PMCC PMCC

Search tips
Search criteria

Advanced
Results 1-25 (70)
 

Clipboard (0)
None

Select a Filter Below

Year of Publication
more »
1.  Chemical Reactivity of Brome Mosaic Virus Capsid Protein 
Journal of molecular biology  2012;423(1):79-95.
Viral particles are biological machines that have evolved to package, protect, and deliver the viral genome into the host via regulated conformational changes of virions. We have developed a procedure to modify lysine resides with S-methylthioacetimidate (SMTA) across the pH range from 5.5 to 8.5. Lysine residues that are not completely modified are involved in tertiary or quaternary structural interactions, and their extent of modification can be quantified as a function of pH. This procedure was applied to the pH-dependent structural transitions of Brome Mosaic Virus (BMV). As the reaction pH increases from 5.5 to 8.5, the average number of modified lysine residues in the BMV capsid protein increases from six to twelve, correlating well with the known pH dependent swelling behavior of BMV virions. The extent of reaction of each of the capsid protein’s lysine residues has been quantified at eight pH values using coupled liquid chromatography-tandem mass spectrometry. Each lysine can be assigned to one of three structural classes identified by inspection of the BMV virion crystal structure. Several lysine residues display reactivity that indicates their involvement in dynamic interactions that are not obvious in the crystal structure. The influence of several capsid protein mutants on the pH-dependent structural transition of BMV has also been investigated. Mutant H75Q exhibits an altered swelling transition accompanying solution pH increases. The H75Q capsids show increased reactivity at lysine residues 64 and 130, residues distal from the dimer interface occupied by H75, across the entire pH range.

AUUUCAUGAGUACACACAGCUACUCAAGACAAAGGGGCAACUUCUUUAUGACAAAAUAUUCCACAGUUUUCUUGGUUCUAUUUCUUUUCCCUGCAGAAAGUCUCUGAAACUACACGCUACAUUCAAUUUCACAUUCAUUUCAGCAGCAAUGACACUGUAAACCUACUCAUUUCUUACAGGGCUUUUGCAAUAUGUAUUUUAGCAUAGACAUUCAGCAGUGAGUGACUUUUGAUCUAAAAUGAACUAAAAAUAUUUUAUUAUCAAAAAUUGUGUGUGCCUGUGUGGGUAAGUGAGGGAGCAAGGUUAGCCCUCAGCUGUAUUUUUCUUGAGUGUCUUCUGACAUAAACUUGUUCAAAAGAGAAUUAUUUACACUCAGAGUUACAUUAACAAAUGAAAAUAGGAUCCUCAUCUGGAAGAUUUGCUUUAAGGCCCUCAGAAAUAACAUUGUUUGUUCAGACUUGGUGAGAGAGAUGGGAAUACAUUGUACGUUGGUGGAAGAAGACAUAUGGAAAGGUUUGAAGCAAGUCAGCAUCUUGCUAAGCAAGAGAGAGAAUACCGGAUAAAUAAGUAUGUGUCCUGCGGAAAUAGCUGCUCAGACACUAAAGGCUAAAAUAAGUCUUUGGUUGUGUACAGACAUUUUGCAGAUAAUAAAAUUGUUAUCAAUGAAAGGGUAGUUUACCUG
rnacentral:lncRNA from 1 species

doi:10.1016/j.jmb.2012.06.031
PMCID: PMC3468295  PMID: 22750573
Brome Mosaic Virus; virion structure; pH dependence; chemical modification; mass spectrometry; Lysine; Conformational Change
2.  Tackling the obesity epidemic: new approaches 
Archives of Disease in Childhood  2006;91(9):724-726.
Perspective on the paper by Rudolf et al (see page 736)
doi:10.1136/adc.2006.098855
PMCID: PMC2082930  PMID: 16923855
adolescence; overweight; prevention
3.  Obesity in childhood and adolescence: evidence based clinical and public health perspectives 
Postgraduate Medical Journal  2006;82(969):429-437.
A global epidemic of paediatric obesity occurred in recent years, and prevalence of obesity is continuing to rise. In the developed world obesity is now the most common disease of childhood and adolescence. Paediatric obesity is not a cosmetic issue, being associated with a significant burden of ill health both for obese children and for adults who were obese as children. Health professionals tend to underestimate the impact of paediatric obesity, and lack the skills, knowledge, and time to treat it effectively. This short review aims to summarise recent systematic reviews on the origins, consequences, prevention, and treatment of paediatric obesity.